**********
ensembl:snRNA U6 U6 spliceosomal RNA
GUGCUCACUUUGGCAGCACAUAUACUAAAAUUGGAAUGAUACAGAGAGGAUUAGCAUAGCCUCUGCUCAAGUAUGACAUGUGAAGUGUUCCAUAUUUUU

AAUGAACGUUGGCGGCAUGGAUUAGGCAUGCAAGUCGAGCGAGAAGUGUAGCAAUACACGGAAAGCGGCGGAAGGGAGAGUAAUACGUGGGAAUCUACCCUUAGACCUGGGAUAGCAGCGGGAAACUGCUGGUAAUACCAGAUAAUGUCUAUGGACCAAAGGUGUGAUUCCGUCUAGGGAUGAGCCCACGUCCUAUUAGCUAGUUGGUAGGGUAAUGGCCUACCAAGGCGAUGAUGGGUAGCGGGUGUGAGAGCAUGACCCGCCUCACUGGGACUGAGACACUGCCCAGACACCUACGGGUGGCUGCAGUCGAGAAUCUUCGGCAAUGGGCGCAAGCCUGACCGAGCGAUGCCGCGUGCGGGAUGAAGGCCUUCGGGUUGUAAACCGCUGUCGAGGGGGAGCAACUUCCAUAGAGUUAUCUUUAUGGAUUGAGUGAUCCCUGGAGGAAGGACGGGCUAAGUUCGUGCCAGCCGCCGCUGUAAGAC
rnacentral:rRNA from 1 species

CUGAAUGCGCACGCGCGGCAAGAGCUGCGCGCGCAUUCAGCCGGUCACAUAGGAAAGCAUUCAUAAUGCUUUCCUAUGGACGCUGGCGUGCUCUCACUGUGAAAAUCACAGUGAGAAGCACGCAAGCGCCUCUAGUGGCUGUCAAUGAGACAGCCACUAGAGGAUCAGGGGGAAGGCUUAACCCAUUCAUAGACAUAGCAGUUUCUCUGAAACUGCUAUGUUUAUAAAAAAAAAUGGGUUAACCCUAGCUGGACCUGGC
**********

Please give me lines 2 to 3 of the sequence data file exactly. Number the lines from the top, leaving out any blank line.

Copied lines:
GUGCUCACUUUGGCAGCACAUAUACUAAAAUUGGAAUGAUACAGAGAGGAUUAGCAUAGCCUCUGCUCAAGUAUGACAUGUGAAGUGUUCCAUAUUUUU

AAUGAACGUUGGCGGCAUGGAUUAGGCAUGCAAGUCGAGCGAGAAGUGUAGCAAUACACGGAAAGCGGCGGAAGGGAGAGUAAUACGUGGGAAUCUACCCUUAGACCUGGGAUAGCAGCGGGAAACUGCUGGUAAUACCAGAUAAUGUCUAUGGACCAAAGGUGUGAUUCCGUCUAGGGAUGAGCCCACGUCCUAUUAGCUAGUUGGUAGGGUAAUGGCCUACCAAGGCGAUGAUGGGUAGCGGGUGUGAGAGCAUGACCCGCCUCACUGGGACUGAGACACUGCCCAGACACCUACGGGUGGCUGCAGUCGAGAAUCUUCGGCAAUGGGCGCAAGCCUGACCGAGCGAUGCCGCGUGCGGGAUGAAGGCCUUCGGGUUGUAAACCGCUGUCGAGGGGGAGCAACUUCCAUAGAGUUAUCUUUAUGGAUUGAGUGAUCCCUGGAGGAAGGACGGGCUAAGUUCGUGCCAGCCGCCGCUGUAAGAC